This is life | Mosquitoes are highly resistant to insecticides identified in Asia

A recently published Japanese study shows that mosquitoes that transmit dengue and other severe viral diseases have developed high resistance to insecticides in parts of Asia, and new ways to stop their spread are urgently needed.

Spraying insecticides in mosquito-infested areas is a common practice in tropical and subtropical regions. Resistance was indeed a concern, but the exact scale of the problem was not yet known precisely.

Japanese scientist Shinji Kasai and his team studied mosquitoes from several Asian countries and Ghana, and found genetic mutations that make some of them immune to widely used insecticides like permethrin.

“In Cambodia, more than 90% of the Aedes aegypti mosquitoes — the main vectors of dengue, Zika, chikungunya and yellow fever viruses — have a set of mutations that lead to an extremely high level of resistance,” said Kasai, in an interview with Mr. Kasai. France Press agency.

The director of the Department of Medical Entomology at Japan’s National Institute of Infectious Diseases discovered that certain types of mosquitoes that were supposed to be 100% eradicated with insecticides are now only 7% dead. Even a toxic dose ten times higher killed only 30%.

Resistance levels vary by region. They are “quite different” between Cambodia and Vietnam, for example, according to Mr. Kasai.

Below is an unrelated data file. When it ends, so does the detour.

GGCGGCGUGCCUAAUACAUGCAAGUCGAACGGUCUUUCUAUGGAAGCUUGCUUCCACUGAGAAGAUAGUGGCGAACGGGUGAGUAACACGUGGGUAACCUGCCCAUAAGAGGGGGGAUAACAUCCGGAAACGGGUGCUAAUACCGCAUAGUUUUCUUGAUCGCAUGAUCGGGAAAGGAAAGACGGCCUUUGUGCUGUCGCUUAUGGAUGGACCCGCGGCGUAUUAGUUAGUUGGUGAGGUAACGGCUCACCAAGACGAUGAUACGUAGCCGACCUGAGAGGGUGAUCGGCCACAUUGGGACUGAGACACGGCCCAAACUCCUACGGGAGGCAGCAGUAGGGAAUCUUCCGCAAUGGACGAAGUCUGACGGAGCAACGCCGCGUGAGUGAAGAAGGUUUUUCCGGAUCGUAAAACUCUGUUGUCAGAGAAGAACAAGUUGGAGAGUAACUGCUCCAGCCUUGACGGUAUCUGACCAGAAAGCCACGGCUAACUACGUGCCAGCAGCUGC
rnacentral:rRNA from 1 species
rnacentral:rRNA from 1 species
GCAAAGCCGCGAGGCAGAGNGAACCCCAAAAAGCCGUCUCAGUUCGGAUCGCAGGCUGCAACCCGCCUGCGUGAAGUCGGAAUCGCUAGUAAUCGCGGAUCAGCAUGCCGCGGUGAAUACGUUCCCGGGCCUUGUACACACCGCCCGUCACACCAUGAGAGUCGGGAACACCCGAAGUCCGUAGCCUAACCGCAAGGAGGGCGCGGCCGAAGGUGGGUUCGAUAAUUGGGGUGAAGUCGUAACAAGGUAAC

His work also revealed that pesticides found in Ghana and parts of Indonesia and Taiwan still work today.

Insecticide resistance has also been observed in Aedes albopictus, but at lower levels.

– New Parises to find –

This study, published at the end of December by the journal Science Advances, shows that “commonly used strategies may no longer be effective” in controlling harmful mosquito populations, according to Professor Cameron Webb, an expert from the University of Sydney who gave an interview to AFP. .

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New chemicals are needed, but authorities and scientists should also consider new methods of prevention, such as vaccines, according to Webb.

There are currently only a few dengue vaccines available – Japanese pharmaceutical group Takeda’s vaccines were approved last year by Indonesia and then the European Union, while use of France’s Sanofi vaccine is severely limited because it can exacerbate the disease in people who have never had it. that. This virus was before.

Dengue cases have increased dramatically worldwide over the past 20 years, with between 100 and 400 million infections annually, according to the World Health Organization (WHO). More than 80% of cases are mild or asymptomatic, but life-threatening complications are present.

Kasai, who worries that the highly resistant mosquitoes he discovered could spread elsewhere in the world “in the near future,” recommends further diversification in insecticides, but the problem is that their modes of action are often similar.

Alternatives are to step up efforts to eradicate mosquito breeding grounds or to sterilize male mosquitoes using Wolbachia bacteria, an innovative method that has already yielded encouraging results locally.

Where the insecticide resistance mutations appear in mosquitoes remains a mystery.

Mr Kasai is now expanding his research to other parts of Asia and is also looking at more recent samples from Cambodia and Vietnam to see if anything has changed from his previous study which looked in 2016-2019.

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